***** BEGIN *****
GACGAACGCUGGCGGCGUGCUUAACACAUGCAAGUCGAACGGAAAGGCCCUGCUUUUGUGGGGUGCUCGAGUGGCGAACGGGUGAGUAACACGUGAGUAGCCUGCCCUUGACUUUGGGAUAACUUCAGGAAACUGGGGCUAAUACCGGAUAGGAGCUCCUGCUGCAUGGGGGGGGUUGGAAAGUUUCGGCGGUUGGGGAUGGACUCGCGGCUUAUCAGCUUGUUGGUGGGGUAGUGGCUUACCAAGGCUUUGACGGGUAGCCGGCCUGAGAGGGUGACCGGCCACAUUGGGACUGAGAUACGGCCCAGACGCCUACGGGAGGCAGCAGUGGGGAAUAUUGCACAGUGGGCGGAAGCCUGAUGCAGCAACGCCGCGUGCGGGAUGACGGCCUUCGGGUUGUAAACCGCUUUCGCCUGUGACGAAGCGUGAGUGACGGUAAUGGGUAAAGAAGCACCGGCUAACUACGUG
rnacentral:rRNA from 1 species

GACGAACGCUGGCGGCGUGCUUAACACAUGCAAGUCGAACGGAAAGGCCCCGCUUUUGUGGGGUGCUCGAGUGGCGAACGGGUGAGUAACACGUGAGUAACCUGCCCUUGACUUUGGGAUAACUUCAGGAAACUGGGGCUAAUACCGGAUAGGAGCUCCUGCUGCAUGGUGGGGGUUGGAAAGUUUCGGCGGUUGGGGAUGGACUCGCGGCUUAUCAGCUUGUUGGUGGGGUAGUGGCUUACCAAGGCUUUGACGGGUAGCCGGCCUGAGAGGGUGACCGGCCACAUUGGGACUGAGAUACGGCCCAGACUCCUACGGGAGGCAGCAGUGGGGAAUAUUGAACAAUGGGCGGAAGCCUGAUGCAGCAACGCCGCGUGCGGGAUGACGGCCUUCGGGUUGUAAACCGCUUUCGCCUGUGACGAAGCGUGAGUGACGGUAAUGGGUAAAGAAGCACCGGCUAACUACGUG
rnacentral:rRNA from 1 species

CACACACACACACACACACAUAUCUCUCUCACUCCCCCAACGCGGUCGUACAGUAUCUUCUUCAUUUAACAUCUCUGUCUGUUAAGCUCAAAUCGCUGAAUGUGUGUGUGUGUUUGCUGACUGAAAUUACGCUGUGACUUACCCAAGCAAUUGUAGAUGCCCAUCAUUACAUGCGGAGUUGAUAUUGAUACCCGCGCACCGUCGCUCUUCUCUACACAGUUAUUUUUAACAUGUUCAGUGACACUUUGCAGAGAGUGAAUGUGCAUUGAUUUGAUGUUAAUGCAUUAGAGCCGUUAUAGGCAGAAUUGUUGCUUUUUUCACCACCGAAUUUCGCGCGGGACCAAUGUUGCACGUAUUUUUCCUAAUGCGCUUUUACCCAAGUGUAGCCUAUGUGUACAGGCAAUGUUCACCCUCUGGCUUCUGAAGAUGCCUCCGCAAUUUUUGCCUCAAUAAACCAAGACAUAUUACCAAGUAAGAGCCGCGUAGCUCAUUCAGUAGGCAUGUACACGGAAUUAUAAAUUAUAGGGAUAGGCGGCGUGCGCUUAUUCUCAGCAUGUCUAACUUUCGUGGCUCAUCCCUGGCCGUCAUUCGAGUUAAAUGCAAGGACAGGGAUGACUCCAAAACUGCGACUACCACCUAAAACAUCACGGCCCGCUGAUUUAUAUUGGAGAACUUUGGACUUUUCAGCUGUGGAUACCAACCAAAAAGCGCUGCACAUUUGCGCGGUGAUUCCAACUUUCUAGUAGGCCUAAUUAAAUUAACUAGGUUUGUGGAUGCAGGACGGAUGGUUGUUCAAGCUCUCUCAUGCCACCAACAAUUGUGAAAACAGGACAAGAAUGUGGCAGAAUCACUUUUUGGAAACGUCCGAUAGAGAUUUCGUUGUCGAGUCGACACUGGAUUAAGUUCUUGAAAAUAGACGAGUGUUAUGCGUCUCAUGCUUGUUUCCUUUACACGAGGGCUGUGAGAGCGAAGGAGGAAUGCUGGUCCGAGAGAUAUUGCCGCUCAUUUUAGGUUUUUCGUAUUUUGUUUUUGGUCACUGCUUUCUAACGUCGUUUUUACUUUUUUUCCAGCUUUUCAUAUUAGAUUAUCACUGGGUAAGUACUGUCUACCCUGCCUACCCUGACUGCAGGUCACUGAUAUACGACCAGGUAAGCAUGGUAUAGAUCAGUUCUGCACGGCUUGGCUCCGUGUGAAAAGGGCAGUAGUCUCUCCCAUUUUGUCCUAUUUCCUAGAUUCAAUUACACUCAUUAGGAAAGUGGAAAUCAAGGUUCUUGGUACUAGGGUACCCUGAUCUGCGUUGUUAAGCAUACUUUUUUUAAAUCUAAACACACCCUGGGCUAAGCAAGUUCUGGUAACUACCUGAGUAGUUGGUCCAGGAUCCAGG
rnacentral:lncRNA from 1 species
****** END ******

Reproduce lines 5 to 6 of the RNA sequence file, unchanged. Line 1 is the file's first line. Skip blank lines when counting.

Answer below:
CACACACACACACACACACAUAUCUCUCUCACUCCCCCAACGCGGUCGUACAGUAUCUUCUUCAUUUAACAUCUCUGUCUGUUAAGCUCAAAUCGCUGAAUGUGUGUGUGUGUUUGCUGACUGAAAUUACGCUGUGACUUACCCAAGCAAUUGUAGAUGCCCAUCAUUACAUGCGGAGUUGAUAUUGAUACCCGCGCACCGUCGCUCUUCUCUACACAGUUAUUUUUAACAUGUUCAGUGACACUUUGCAGAGAGUGAAUGUGCAUUGAUUUGAUGUUAAUGCAUUAGAGCCGUUAUAGGCAGAAUUGUUGCUUUUUUCACCACCGAAUUUCGCGCGGGACCAAUGUUGCACGUAUUUUUCCUAAUGCGCUUUUACCCAAGUGUAGCCUAUGUGUACAGGCAAUGUUCACCCUCUGGCUUCUGAAGAUGCCUCCGCAAUUUUUGCCUCAAUAAACCAAGACAUAUUACCAAGUAAGAGCCGCGUAGCUCAUUCAGUAGGCAUGUACACGGAAUUAUAAAUUAUAGGGAUAGGCGGCGUGCGCUUAUUCUCAGCAUGUCUAACUUUCGUGGCUCAUCCCUGGCCGUCAUUCGAGUUAAAUGCAAGGACAGGGAUGACUCCAAAACUGCGACUACCACCUAAAACAUCACGGCCCGCUGAUUUAUAUUGGAGAACUUUGGACUUUUCAGCUGUGGAUACCAACCAAAAAGCGCUGCACAUUUGCGCGGUGAUUCCAACUUUCUAGUAGGCCUAAUUAAAUUAACUAGGUUUGUGGAUGCAGGACGGAUGGUUGUUCAAGCUCUCUCAUGCCACCAACAAUUGUGAAAACAGGACAAGAAUGUGGCAGAAUCACUUUUUGGAAACGUCCGAUAGAGAUUUCGUUGUCGAGUCGACACUGGAUUAAGUUCUUGAAAAUAGACGAGUGUUAUGCGUCUCAUGCUUGUUUCCUUUACACGAGGGCUGUGAGAGCGAAGGAGGAAUGCUGGUCCGAGAGAUAUUGCCGCUCAUUUUAGGUUUUUCGUAUUUUGUUUUUGGUCACUGCUUUCUAACGUCGUUUUUACUUUUUUUCCAGCUUUUCAUAUUAGAUUAUCACUGGGUAAGUACUGUCUACCCUGCCUACCCUGACUGCAGGUCACUGAUAUACGACCAGGUAAGCAUGGUAUAGAUCAGUUCUGCACGGCUUGGCUCCGUGUGAAAAGGGCAGUAGUCUCUCCCAUUUUGUCCUAUUUCCUAGAUUCAAUUACACUCAUUAGGAAAGUGGAAAUCAAGGUUCUUGGUACUAGGGUACCCUGAUCUGCGUUGUUAAGCAUACUUUUUUUAAAUCUAAACACACCCUGGGCUAAGCAAGUUCUGGUAACUACCUGAGUAGUUGGUCCAGGAUCCAGG
rnacentral:lncRNA from 1 species